So the phrase has expedience going for it, but I recommend that in general you avoid using it. To reduce the chance of a drafting error, and to make life easier for the reader, it would be best to determine whether the provision in question in fact needs to trump another provision and, if it does, to specify which provision.

As to whatever else Professor Coates might have been aiming at in the paragraph in question, I was confused by his saying that phrases such as notwithstanding and subject to “allow the parties to … avoid the need to attempt to synthesize every provision of every related agreement that is or may be partly or wholly in conflict with the provision in question.” If provisions are in conflict, I don’t see how synthesizing—did Professor Coates mean harmonizing?—them could be an alternative to flagging which takes precedence.

What a Reader Would Have to Read

Second, regarding the issue of economy (which Professor Coates addresses in the second paragraph quoted above), if you tack on to the front of a given sentence the phrase notwithstanding anything in this agreement to the contrary, then any reader could, to use Professor Coates’s phrase, “simply look at the one sentence to see the meaning of the change.” (As mentioned above, that expedience comes at a cost.)

But more generally, if section A begins “Subject to section B,” a reader would need to read both section A and section B to understand the meaning of section A. The same would apply if section B were to begin “Notwithstanding section A.”

The Relationship Between “Notwithstanding” and “Subject To”

Regarding blacklining economy (which Professor Coates addresses in the second paragraph quoted above), if one were adding section B, including in section B “Notwithstanding section A” would indeed allow you to make just one change. But if you were to add section B and then add “Subject to section B” at the front of section A, you’d need to make two changes.

Unless I were facing a deadline crisis, I’d always opt for adding subject to. That’s because notwithstanding undercuts, at a remove, some other provision in a contract. As a result, a reader might well read the provision being undercut without realizing that it’s trumped by another provision. Using subject to signals to the reader that if the reader wants to know the full effect of that provision, he or she would need to read the provision that trumps it.

Chancellor Chandler’s Response

Chancellor Chandler’s decision on Professor Coates’s report contained the following footnote (citations omitted):

Remarkably, in his report, Professor Coates appears to excuse practices that can only be described as inartful drafting as “one of the ways that the parties [to buyout negotiations] commonly economize on time and costs.” Professor Coates states that the parties, in contravention of basic principles of contract interpretation and drafting, use certain phrases (e.g., “subject to” or “notwithstanding”) so as to “avoid the need to attempt to synthesize every provision of every related agreement that is or may be partly or wholly in conflict with the provision in question.” Not surprisingly, disputes often arise precisely because of provisions that are “partly or wholly in conflict” with each other.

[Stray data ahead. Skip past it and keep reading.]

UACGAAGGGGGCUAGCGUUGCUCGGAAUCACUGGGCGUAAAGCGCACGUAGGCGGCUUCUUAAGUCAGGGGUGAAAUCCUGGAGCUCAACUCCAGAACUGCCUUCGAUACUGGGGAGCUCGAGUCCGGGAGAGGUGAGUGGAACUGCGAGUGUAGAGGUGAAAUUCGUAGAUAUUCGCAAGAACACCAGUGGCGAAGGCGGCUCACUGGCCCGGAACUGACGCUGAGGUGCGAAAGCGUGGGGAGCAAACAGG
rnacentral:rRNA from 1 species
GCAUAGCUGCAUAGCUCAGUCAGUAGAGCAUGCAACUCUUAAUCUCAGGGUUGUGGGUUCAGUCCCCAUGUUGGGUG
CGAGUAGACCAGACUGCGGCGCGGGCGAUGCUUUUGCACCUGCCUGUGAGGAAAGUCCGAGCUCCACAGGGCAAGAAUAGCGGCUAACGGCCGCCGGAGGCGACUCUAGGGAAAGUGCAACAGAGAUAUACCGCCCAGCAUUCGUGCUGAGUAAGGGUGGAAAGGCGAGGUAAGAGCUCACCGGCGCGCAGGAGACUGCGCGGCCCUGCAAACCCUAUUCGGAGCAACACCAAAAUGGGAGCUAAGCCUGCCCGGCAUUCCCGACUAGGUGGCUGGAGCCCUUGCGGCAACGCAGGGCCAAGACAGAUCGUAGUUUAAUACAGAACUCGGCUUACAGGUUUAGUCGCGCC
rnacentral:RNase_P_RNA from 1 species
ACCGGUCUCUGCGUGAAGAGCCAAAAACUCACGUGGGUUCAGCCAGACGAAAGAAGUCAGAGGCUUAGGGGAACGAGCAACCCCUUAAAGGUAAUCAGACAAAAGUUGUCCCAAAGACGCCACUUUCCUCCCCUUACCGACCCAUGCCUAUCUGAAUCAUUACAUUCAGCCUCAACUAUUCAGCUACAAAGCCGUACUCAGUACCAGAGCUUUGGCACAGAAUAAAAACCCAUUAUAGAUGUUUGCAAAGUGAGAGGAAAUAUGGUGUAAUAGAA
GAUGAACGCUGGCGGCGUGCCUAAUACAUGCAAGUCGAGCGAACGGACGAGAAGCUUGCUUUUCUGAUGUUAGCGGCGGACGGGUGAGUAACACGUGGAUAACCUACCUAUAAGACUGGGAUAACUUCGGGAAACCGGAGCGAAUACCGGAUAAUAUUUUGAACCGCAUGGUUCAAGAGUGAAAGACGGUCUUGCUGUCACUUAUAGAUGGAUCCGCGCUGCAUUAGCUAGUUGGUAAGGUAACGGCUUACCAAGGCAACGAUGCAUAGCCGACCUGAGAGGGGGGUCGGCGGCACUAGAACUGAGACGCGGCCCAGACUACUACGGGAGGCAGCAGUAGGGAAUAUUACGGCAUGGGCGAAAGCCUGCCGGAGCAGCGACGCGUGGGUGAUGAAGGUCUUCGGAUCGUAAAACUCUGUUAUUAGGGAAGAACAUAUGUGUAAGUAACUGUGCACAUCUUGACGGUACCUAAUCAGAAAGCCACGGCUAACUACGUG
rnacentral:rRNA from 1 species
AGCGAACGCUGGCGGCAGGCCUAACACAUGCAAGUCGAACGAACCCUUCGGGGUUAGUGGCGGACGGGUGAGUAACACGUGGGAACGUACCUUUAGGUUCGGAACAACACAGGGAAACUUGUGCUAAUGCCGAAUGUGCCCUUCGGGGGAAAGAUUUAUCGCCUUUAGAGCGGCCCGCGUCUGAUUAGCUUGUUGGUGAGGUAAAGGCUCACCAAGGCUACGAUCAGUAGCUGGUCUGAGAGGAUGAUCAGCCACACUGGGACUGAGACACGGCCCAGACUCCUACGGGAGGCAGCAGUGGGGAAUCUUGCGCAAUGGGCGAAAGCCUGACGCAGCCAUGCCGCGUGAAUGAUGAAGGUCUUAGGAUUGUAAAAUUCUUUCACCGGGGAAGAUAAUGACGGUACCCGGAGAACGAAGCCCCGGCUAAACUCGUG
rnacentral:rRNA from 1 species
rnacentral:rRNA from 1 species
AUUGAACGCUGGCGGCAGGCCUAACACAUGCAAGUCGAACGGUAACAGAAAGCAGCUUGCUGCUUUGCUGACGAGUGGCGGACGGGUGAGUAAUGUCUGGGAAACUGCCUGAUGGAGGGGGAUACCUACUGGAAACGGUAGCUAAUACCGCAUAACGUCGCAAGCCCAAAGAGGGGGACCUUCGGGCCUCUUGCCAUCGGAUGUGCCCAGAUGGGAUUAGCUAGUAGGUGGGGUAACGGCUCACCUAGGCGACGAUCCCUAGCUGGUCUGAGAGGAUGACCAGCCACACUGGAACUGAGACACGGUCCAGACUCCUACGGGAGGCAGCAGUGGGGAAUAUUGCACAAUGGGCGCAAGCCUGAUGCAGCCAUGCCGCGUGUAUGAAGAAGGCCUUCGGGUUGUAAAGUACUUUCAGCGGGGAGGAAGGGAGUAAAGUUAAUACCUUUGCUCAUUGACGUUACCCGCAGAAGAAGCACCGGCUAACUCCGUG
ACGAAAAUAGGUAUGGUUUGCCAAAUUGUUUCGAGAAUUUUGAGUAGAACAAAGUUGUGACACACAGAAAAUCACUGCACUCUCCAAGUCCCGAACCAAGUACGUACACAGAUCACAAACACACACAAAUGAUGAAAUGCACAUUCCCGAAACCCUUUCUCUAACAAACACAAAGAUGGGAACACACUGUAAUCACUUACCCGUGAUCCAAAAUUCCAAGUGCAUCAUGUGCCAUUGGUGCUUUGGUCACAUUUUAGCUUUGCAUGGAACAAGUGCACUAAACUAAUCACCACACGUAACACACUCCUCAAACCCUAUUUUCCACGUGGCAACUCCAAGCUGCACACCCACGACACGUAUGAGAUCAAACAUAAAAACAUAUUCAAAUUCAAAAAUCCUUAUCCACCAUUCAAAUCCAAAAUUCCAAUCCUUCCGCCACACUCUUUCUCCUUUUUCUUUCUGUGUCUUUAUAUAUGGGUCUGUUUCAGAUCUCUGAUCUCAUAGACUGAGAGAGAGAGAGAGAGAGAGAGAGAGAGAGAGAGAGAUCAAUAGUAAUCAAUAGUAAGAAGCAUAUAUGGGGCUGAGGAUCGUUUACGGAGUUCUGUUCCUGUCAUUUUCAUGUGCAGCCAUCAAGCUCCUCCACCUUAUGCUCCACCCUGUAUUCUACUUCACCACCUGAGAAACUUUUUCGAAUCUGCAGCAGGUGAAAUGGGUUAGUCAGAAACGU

Chancellor Chandler could have focused simply on the notion that when M&A practitioners add to a contract a provision that renders another provision meaningless, it’s customary to retain the now-meaningless provision. But I suspect that the generalized and rather confusing nature of Professor Coates’s report lead Chancellor Chandler to say something debatable—that it represents poor drafting to use phrases such as notwithstanding and subject to to indicate which among two or more conflicting provisions takes precedence.

It would be unreasonable to think that one could draft and negotiate contracts without at some point needing to include provisions that conflict—that’s an invetable part of any kind of writing.

The drafter should accept that and instead focus on weeding out any conflict that’s avoidable (namely by deleting any meaningless provisions) and on expressing as efficiently and clearly as possible which provision takes precedence. I’ve offered some suggestions above. MSCD 9.30–9.38 offers some additional detail.

By the way, this post simply represents my attempt to determine how Professor Coates’s report relates to my understanding of notwithstanding and subject to. Given that his report represents the highest-profile discussion of these phrases that I’ve encountered in a while, I thought it worth looking into.

About the author

Ken Adams is the leading authority on how to say clearly whatever you want to say in a contract. He’s author of A Manual of Style for Contract Drafting, and he offers online and in-person training around the world. He’s also chief content officer of LegalSifter, Inc., a company that combines artificial intelligence and expertise to assist with review of contracts.